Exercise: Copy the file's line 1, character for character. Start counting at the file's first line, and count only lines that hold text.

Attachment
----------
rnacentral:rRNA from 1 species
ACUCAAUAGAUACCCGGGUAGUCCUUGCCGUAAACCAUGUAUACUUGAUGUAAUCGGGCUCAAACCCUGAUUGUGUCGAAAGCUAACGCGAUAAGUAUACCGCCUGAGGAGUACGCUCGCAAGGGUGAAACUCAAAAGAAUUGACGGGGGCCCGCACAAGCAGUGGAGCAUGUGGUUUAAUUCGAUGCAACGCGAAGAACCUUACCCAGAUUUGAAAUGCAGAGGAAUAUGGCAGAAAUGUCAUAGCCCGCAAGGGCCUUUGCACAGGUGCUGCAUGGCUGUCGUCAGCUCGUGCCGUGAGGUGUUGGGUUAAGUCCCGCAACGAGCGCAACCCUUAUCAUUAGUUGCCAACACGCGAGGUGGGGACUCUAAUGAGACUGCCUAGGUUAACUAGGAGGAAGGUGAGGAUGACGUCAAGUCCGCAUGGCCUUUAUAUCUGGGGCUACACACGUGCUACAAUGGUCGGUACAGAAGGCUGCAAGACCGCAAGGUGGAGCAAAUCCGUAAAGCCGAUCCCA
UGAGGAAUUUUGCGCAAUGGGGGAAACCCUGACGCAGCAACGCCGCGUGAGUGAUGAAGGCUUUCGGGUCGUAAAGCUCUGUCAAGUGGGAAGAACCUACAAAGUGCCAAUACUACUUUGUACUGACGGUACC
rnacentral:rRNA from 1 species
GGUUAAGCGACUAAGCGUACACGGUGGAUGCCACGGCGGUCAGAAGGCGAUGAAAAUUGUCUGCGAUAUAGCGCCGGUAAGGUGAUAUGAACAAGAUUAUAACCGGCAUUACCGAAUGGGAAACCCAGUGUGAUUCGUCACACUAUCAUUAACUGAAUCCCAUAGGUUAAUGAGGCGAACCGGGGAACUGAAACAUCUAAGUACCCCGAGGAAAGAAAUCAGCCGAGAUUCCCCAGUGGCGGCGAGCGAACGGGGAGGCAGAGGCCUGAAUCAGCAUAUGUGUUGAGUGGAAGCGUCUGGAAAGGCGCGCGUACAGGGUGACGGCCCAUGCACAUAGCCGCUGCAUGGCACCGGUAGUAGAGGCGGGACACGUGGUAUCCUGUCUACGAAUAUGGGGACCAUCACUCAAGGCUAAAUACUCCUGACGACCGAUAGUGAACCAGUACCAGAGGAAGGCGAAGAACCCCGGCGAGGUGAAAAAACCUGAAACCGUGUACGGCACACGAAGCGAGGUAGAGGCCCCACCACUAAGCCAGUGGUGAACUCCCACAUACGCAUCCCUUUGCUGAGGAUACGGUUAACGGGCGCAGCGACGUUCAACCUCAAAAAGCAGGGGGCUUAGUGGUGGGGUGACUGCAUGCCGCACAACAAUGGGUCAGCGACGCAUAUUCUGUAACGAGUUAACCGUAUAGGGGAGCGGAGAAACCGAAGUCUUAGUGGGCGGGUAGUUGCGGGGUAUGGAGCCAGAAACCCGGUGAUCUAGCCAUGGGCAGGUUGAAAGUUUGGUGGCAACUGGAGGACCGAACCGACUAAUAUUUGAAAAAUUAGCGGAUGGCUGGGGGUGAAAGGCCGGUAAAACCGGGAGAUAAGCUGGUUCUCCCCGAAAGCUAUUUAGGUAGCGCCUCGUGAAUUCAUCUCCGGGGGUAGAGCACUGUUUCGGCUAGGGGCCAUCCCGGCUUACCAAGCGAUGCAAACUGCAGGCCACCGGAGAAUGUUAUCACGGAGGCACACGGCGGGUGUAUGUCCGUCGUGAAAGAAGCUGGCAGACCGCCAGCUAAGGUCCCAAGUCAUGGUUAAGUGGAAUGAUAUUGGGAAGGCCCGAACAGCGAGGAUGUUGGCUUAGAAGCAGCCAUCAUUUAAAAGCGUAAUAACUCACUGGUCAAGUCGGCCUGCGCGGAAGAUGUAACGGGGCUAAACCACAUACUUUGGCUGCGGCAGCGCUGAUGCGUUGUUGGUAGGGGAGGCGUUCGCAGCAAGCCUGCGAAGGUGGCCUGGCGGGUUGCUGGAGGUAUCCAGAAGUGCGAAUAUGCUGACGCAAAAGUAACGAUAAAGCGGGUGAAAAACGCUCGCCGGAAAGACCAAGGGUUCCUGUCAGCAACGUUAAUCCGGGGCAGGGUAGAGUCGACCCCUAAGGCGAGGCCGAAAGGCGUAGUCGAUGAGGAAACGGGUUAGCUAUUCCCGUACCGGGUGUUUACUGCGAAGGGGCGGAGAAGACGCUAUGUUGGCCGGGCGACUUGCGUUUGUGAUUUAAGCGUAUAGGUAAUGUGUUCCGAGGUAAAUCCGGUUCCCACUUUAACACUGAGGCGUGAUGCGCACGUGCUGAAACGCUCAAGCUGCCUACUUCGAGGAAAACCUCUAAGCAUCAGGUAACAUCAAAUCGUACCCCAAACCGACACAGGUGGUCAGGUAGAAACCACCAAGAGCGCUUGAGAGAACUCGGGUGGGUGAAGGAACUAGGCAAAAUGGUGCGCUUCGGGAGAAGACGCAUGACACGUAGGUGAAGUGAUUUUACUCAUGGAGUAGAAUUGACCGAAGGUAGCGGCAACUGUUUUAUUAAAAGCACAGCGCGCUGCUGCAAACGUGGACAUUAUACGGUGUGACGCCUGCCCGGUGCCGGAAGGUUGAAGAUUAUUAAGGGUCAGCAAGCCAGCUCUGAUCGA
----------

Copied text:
rnacentral:rRNA from 1 species